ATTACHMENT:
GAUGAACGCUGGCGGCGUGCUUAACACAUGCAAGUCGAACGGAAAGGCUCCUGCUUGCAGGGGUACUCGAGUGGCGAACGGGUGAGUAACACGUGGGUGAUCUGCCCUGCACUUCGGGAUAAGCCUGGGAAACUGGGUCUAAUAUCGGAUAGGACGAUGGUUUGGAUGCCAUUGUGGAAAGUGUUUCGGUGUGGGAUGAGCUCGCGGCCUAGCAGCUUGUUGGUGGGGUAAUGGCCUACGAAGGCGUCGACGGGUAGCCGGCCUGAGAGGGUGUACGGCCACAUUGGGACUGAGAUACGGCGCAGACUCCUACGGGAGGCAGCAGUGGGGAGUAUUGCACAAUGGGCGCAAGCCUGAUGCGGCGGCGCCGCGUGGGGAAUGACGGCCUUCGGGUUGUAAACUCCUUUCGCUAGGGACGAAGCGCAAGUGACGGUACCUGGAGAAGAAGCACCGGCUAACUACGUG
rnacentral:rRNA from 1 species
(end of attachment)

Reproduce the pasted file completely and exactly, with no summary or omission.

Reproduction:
GAUGAACGCUGGCGGCGUGCUUAACACAUGCAAGUCGAACGGAAAGGCUCCUGCUUGCAGGGGUACUCGAGUGGCGAACGGGUGAGUAACACGUGGGUGAUCUGCCCUGCACUUCGGGAUAAGCCUGGGAAACUGGGUCUAAUAUCGGAUAGGACGAUGGUUUGGAUGCCAUUGUGGAAAGUGUUUCGGUGUGGGAUGAGCUCGCGGCCUAGCAGCUUGUUGGUGGGGUAAUGGCCUACGAAGGCGUCGACGGGUAGCCGGCCUGAGAGGGUGUACGGCCACAUUGGGACUGAGAUACGGCGCAGACUCCUACGGGAGGCAGCAGUGGGGAGUAUUGCACAAUGGGCGCAAGCCUGAUGCGGCGGCGCCGCGUGGGGAAUGACGGCCUUCGGGUUGUAAACUCCUUUCGCUAGGGACGAAGCGCAAGUGACGGUACCUGGAGAAGAAGCACCGGCUAACUACGUG
rnacentral:rRNA from 1 species